There is no shortage of preachers when it comes to having goals. Self-help books and audio and video and live seminars abound with goal-setting and goal-achievement as a central tenet of their teaching.

So are goals the same as purpose? Does one lead to another? Do either of them require the other?

Definition of goal

Let’s begin with some definitions. A goal is an object of your ambition or effort. It’s something you want to get done, to achieve, to receive. You may have lots of goals, only a few, or even none at all. Goals aren’t always of your own making either; you can be influenced or manipulated to take on a goal, or even be forced to do so.

Definition of purpose

Your purpose, on the other hand, is the reason for your existence. If you work that backwards, it implies that if you exist, you must have a purpose. It does not imply however that everyone is clued in to that purpose. Unlike a goal, it can not be chosen or forced upon you, it just is.

You will notice that some people have no goals and yet here they are, therefore even if you are without goals you must have a purpose.

Does having goals automatically mean that those goals support your purpose? No, indeed. It is rather common that people fight who and what they are, often rather vehemently and actively.

There are even a few gurus out there advocating having no goals. Check out this debate between Leo Babauta of Zen Habits (anti-goals) and Tim Ferriss of the 4-Hour franchise (pro-goals). How can smart people disagree on a topic that is so fundamental to life? There are several answers.

Do you know your purpose when you set a goal?

Setting goals without knowing your purpose is a fruitless and unfulfilling business. Focusing on goals rather than purpose is epidemic in this world, and ignoring purpose altogether is quite common. So if goals stand in the way of the fulfillment of your purpose, they have to go, and they can go as they are not required.

Going goal-free would be a pretty scary prospect to many folks, but this too is not required. Goals have a way of focusing your mind, so if you mindfully choose goals that stand in support of your purpose, they actually make your life smoother and more satisfying.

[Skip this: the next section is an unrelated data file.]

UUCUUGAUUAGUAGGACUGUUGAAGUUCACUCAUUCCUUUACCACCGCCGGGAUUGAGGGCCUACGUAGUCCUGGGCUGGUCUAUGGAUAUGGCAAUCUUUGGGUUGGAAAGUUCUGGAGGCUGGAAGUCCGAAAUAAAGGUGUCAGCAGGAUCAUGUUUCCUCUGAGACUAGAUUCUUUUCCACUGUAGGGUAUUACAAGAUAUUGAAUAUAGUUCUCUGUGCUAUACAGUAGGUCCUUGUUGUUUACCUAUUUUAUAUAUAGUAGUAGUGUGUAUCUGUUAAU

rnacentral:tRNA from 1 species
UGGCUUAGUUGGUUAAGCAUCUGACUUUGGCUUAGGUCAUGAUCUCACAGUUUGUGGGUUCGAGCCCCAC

An important characteristic of your purpose is it is happening right now. While it is true that your purpose unfolds into the future, the present moment is the only one you control. Goals, on the other hand, are only ever in the future: if a goal is accomplished in the present, it is annihilated, as a goal that has been accomplished is no longer a goal, but an achievement. Don’t get me wrong, achievement is terrific, but it takes the goal out of the picture and returns your focus to your purpose.

How to structure your goal

How you structure your goals has a big impact on whether or not your purpose is actualized. For instance, many people set goals that are fundamentally in the control of others. If you set a goal for a specific person to buy a specific product from you, you may be dismayed. If your goal is to have a certain person love you, you are rather attempting to impress a goal on that other person. Sometimes this succeeds, but often as not it fails and the disappointment can be devastating.

A better approach would be to set a sales goal that does not require a specific buyer or the sale of a particular product. It is better to have the goal to be lovable rather than to be loved. Of course, circumstances sometimes dictate details that must be reconciled, despite not being optimal. It is good to be clear in these situations that our purpose is not tied to this specific goal’s achievement;such a goal may support our purpose in success but it cannot take away from our purpose in failure.

Sometimes people actually use goals as a way to avoid their purpose, and they use a goal as justification for their failure to pursue who they really are. Consider some common scenarios:

  • “I can’t start a business of my own because I need this job I hate to support my family.”
  • “After working hard all day, I’m too tired to go to the gym.”
  • “My parents have too many needs right now for me to pursue a romantic relationship.”

In these examples, what seem to be worthwhile goals like supporting your family, working hard, and caring for your parents are actually excuses that stand in the way of pursuing your purpose along with goals that support it.

Another thing that people do is use goals to distract them from the present—one they may consider to be unsatisfying or even painful. Remember that your purpose happens in the present, and if the underlying reason you choose some ambitious goal is to consume your focus, it becomes detrimental to your being present here and now. Once you are engaged with a goal, well chosen or not, It takes on a certain lofty status in your world. If you ignore how you feel while stubbornly pursuing this elevated goal, this mythical standing hurts you.

So, start with your purpose. Choose goals that support, it or even choose none at all. Divest yourself of all past commitments to goals that do not serve you. If you do, you will find a peaceful coexistence between your purpose and any goals that you choose to allow to remain.

SEE ALSO: 3 Common Goal Setting Mistakes

Featured photo credit: sport via Shutterstock

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